Ann Coulter
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It's bad enough that the Republican Party can't prevent Democrats from voting in its primaries and saddling us with The New York Times' favorite Republican as our presidential nominee. If the Republican Party can't protect an election won by the incumbent U.S. senator in Minnesota, there is no point in donating to the Republican Party.

The day after the November election, Republican Sen. Norm Coleman had won his re-election to the U.S. Senate, beating challenger Al Franken by 725 votes.

Then one heavily Democratic town miraculously discovered 100 missing ballots. And, in another marvel, they were all for Al Franken! It was like a completely evil version of a Christmas miracle.

As strange as it was that all 100 post-election, "discovered" ballots would be for one candidate, it was even stranger that the official time stamp for the miracle ballots printed out by the voting machine on the miracle ballots showed that the votes had been cast on Nov. 2 -- two days before the election.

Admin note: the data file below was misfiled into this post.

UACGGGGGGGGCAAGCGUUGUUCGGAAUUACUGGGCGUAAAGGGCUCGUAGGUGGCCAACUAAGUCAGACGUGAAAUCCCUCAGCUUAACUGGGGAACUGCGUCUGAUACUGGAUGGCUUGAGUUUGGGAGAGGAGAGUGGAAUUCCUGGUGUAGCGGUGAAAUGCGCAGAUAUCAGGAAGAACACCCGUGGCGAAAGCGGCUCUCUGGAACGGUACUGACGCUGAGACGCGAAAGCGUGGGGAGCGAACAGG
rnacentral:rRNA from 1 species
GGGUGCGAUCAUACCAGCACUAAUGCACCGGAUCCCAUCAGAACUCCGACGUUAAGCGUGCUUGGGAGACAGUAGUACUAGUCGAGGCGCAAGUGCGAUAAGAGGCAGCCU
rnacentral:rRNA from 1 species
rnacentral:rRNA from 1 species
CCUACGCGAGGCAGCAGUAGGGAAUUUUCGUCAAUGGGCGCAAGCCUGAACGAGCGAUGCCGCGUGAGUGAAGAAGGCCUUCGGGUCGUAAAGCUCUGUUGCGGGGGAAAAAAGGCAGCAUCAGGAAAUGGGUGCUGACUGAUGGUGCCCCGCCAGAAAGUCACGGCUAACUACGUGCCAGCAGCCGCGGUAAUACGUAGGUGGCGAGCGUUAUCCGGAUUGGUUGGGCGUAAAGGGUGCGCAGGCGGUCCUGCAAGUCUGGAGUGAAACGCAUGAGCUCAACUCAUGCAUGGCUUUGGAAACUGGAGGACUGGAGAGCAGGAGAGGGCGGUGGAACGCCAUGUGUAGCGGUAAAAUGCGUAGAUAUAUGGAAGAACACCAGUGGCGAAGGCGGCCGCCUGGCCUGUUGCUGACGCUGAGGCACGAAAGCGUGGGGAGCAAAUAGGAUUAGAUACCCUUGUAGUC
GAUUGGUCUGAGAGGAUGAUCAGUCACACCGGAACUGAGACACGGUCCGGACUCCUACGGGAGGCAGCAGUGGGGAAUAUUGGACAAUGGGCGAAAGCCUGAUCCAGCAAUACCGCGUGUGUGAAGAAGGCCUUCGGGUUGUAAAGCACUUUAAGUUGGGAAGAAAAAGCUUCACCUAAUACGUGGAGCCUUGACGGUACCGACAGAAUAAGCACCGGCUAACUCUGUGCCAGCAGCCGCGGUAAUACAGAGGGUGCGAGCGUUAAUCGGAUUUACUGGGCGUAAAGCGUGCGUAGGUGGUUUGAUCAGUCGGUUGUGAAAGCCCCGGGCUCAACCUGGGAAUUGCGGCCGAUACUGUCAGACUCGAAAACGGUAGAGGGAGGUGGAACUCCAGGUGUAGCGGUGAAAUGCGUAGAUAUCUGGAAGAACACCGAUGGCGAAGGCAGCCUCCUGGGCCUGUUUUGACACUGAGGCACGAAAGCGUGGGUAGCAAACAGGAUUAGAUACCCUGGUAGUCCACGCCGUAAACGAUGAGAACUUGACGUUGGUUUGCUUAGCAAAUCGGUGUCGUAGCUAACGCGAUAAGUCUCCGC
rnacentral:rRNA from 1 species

Democratic election officials in the miracle-ballot county simply announced that their voting machine must have been broken. Don't worry about it -- they were sure those 100 votes for Franken were legit.

Then another 400-odd statistically improbable "corrections" were made in other Democratic strongholds until -- by the end of election week -- Coleman's lead had been whittled down to a mere 215 votes.

Since then, highly irregular counting methods have added to Franken's total bit by bit, to the point that Coleman is now ahead by only 188 votes.

As long as Coleman maintains any lead at all, Republicans don't seem to care that Coleman's advantage is being shrunk by laughable ballot "discoveries" and disreputable standard-switching from precinct to precinct -- depending on which method of counting ballots is most advantageous to Franken.

Consider a few other chilling examples of Democrats thieving their way to victory over the years.

In 1974, Republican Louis Wyman won his race for U.S. Senate in New Hampshire, beating Democrat John Durkin by 355 votes. Durkin demanded a recount -- which went back and forth by a handful of votes until the state's Ballot Law Commission concluded that Wyman had indeed won by (at least) two votes.

Wyman was certified the winner by the New Hampshire secretary of state and was on his way to Washington when ... the overwhelmingly Democratic U.S. Senate refused to seat Wyman.

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